Lean Six Sigma

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Coventry University Postgraduate Program

IFSM101EC - Lean and Six Sigma Analysis Tools and Techniques - 1112B

MBA in Engineering Management

Declaration:
The assignment submitted is a result of my own investigation and independent work. All sections of the text and results, which been obtained from other sources, are fully referenced. No confidential information of Infosys is included in this assignment. I understand that cheating and plagiarism constitute a breach of University regulations and will be dealt with as per prevailing university rules and regulations.

Name: Peterson Pius Chiramel
Enrolment Number: 4693804

Table of Contents
Part A1
3
Part B4
Summary5
Introduction6
1.0 Why Implement Lean…………………………………………………………………………………………………… 2.0. Current Manufacturing Facility…………………………………………………………………………………… 2.0.1. Value stream Mapping
2.0.2. Drawbacks of the current manufacturing facility
3.0. Lean Techniques
3.0.1. Develop one –piece Continuous Flow
3.0.2. Cell Creation
4.0. Future State Map
4.0.1. Supermarket Pull System
4.0.2. FIFO (First in First Out)
4.0.3. Pacemaker Process
4.0.4. Load Leveling
5.0. Implementation Plan
5.0.1. Breaking Implementation into steps
5.0.2. Objectives and Goals
6.0. Benefits
6.0.1. Lead Time
6.0.2. Labor Saving
6.0.3. Quality

7.0. Issues
7.0.1Reduce changeover time 6.0.2. Labor Saving
7.0.2. Commitment
7.0.3. Misconception
8.0. A3 Summary

Introduction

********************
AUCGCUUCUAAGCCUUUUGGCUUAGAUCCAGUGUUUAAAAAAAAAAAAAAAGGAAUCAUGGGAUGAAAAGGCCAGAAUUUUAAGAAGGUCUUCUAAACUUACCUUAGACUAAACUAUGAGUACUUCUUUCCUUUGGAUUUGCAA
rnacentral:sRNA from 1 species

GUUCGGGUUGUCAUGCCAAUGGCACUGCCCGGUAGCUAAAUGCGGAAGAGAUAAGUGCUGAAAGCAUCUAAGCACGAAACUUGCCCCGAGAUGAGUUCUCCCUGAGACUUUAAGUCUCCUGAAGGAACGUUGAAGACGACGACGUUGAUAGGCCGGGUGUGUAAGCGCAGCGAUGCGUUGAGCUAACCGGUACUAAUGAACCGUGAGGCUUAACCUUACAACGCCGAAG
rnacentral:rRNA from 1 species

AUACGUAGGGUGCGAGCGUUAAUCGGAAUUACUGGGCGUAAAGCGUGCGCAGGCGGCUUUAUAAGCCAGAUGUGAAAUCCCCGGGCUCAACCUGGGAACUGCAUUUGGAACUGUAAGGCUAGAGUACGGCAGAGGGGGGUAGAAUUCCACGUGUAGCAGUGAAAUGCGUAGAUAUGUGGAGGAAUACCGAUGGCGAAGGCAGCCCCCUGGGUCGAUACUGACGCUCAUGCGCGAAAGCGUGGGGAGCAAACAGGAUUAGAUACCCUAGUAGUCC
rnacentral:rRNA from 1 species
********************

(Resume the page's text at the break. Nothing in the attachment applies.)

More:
This literature review explores the three major sectors where lean and Six Sigma can be applied namely Manufacturing, Service and Government Agencies. Although many researches for Lean Six Sigma have taken place in these sectors, this literature review will cover the differences between the applications of lean techniques in these three sectors. Lean Principle was first implemented in manufacturing sector particularly automobile, by Toyota for mass automobile production. Lean was then known as the Toyota Production System (TPS). Soon Lean manufacturing and tools showed the impact in various regions, due to the dramatic improvement in profits, resource utilization, low inventory, product quality and mass production. The common goal for application of lean in any sector is to minimize wastes, optimize resource utilization, reduce inventory and improve product quality. The application of lean will differ in each sector depending upon the type of wastes, that particular sector produces. For example Toyota production systems have identified seven types of wastes in manufacturing: Over-production, Waiting, Processing, Transportation, Motion, Inventory and Re-work. This may not be the case in Service and public (government agencies) sectors. One more important difference to note is the inventory in all these sectors. In manufacturing, any product which is pending to be processed in the production line is an inventory. On the other hand, in service industry, for example a hospital, inventory here is the number of patients waiting. Thus we see that the approach used in manufacturing of minimizing inventories is not applicable in service industry. In Government agencies, inventory may the files which are to be processed, or citizens waiting to cast their vote. Unlike manufacturing where a huge investment is needed on machines and other resources, to implement automation, creation of cells, kaizen, Service industry and government agencies can works on intellectual capital, where most of the wastes comprise of waiting time for customers or citizens. This waiting time is found to easily reduce by some minor changes in the flow. For example for a particular process, an approval is needed wherein the only activity of the approver is to validate the form being processed, here this decision loop can be eliminated and the validation can be performed in the form itself, thus introducing kanban. So the organization or the government agency should...
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